Captain Robert William Thompson July 29, 1950
by Bill Warnick
My wife Carole passed away on December 1, 2020 and I found myself in a depression that I did not expect. You see Carole and I had always talked about our end and how the survivor would take care of the one who went first. We had our funeral paid for, our grave and tomb stone paid and installed at the Port Maitland Cemetery. Paul Dermody my Funeral Director and lifelong friend knew what his role would be. Everything was set and ready to go. All but how hard it would hit me. So why am I telling you this when the title of my story has nothing to do with me? After Carole’s death it took me a good year before I could spend more than a minute on my computer at one time. Don’t know why! Recently, I decided to get my act together and go through over fifty years of boxes binders and more recently emails. This matter included old letters, photographs and tons of scribbled notes made in dusty old registry offices or basements of town halls from back in the day when you had to hunt for information. Now you just go to the computer. One of the items I dusted off was a letter from Lourine (Renie) Hollingshead dated May 2, 2004. It included a photocopied photo of her grandfather Bill Thompson, along with two similar articles about the well-known fishing captain and Port Maitland.
Before I tell you his story, I am going to tell you mine. It includes his family as my grandfather Wm. J. Warnick purchased the old farmhouse of the Captain’s father. It is a house that has been used for a cottage at east Port Maitland since 1915. My grandfather worked all his life for the TH&B Railway and in 1915 the railway purchased most if not all the homes at east Port Maitland. They quickly sold the old house to my grandfather who shipped my grandmother to it to make a cottage out of it. When she arrived with a number of little ones in hand she found an old farmhouse with dirt floors and few properly fitted windows. Yes and more mice than any hungry cat could possibly eat.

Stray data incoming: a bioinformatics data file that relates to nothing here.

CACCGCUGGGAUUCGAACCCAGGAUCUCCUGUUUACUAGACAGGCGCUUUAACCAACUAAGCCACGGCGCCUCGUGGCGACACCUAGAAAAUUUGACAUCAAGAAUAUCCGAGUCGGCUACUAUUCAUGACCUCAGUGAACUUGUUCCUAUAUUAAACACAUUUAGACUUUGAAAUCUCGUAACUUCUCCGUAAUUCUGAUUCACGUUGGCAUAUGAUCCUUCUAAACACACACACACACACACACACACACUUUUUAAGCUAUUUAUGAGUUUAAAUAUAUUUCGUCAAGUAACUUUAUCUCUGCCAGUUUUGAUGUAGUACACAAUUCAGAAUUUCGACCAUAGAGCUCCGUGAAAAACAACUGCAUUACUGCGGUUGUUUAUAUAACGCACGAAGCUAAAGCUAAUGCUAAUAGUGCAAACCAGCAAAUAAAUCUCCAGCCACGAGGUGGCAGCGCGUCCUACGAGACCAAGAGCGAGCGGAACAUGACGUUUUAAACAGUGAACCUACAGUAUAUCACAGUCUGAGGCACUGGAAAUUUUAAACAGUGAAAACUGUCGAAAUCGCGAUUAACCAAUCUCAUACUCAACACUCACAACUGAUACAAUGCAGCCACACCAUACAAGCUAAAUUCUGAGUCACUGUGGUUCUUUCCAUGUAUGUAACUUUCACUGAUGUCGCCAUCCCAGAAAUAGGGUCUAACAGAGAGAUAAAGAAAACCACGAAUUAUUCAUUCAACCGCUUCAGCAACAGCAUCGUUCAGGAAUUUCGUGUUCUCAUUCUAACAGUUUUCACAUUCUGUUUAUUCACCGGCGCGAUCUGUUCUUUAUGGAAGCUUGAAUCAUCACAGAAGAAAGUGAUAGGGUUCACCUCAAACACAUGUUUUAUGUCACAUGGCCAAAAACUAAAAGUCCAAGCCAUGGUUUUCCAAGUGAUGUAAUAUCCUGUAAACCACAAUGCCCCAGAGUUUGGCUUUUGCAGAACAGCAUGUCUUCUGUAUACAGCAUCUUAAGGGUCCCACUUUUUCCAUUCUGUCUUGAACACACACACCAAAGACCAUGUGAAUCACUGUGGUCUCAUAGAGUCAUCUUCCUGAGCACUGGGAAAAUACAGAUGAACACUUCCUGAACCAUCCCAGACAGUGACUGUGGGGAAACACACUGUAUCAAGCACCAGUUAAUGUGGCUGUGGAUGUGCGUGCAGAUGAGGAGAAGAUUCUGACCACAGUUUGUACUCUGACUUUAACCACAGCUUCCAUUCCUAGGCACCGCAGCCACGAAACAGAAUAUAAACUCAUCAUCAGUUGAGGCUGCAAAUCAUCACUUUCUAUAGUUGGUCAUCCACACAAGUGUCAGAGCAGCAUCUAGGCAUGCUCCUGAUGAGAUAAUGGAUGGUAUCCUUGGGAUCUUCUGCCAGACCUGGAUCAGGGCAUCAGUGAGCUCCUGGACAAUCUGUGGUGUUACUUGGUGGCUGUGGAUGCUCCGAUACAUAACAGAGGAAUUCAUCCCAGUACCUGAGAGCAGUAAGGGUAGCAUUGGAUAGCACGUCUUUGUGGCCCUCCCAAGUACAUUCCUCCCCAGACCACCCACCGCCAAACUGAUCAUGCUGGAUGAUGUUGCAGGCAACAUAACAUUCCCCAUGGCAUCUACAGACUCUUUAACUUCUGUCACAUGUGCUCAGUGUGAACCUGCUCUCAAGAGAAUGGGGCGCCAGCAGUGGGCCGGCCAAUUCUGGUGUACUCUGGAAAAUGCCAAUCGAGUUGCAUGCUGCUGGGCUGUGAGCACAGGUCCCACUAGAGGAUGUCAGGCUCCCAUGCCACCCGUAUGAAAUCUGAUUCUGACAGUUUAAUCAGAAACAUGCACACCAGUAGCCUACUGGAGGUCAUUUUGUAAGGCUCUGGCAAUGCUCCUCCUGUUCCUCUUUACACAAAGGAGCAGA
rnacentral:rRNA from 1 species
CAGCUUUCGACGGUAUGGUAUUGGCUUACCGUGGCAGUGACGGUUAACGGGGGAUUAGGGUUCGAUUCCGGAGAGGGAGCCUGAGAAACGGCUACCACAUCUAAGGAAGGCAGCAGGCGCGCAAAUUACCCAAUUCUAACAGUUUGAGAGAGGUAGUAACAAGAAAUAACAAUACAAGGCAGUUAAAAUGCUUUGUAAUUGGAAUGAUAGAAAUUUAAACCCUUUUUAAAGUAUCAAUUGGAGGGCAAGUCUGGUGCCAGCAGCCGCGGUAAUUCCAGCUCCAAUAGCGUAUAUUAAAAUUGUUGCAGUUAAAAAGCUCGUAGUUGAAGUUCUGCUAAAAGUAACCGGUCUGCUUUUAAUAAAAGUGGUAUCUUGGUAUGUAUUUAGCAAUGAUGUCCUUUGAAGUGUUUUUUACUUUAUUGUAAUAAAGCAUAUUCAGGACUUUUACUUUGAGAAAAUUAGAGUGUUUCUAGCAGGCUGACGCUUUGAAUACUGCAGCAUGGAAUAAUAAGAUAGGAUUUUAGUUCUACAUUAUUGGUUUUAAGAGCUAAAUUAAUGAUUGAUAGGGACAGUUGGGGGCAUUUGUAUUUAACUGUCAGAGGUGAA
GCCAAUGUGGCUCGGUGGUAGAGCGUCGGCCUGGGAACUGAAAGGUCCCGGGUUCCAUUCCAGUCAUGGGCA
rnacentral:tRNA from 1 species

As mentioned this house belonged to a fellow known locally as Wellington Thompson. My other hobby other than history is genealogy and his genealogy seemed interesting. By the time I began doing Wellington’s genealogy computers and appropriate software existed. One has to be careful and diligent when using anything from the World Wide Web. My research has found reasonably credible evidence that he had the following wife’s: Sophia Carlotta Caroline Ross, Sarah Shelly Swanson, Henrietta Ross and Sophia Thompson – I suspect Sophia had a different maiden name. She may even have been the Sophia Ross mentioned above. There is credible evidence he married two Ross girls. Something tells me that this story will create a number of emails from Wellington’s descendents setting me straight on this matter. At least I hope so!
One article starts out:
“Port Maitland, acknowledge to be the finest port on the north shore of Lake Erie has a history that dates back more than a century and a half. . . Although not generally known Port Maitland is also said to be the second-largest freshwater fishing port in the world, with approximately 24 boats engaged in this industry daily. It is also a great vacation centre. . . First white men to set foot on the site of Port Maitland were two Jesuits priest who came down the Grand River in the 17th century. . .”
The following statement is incorrect.
“It was shortly before 1812 that the port began to assume importance as a naval base and during the War of that year a fleet of considerable proportions was stationed there.”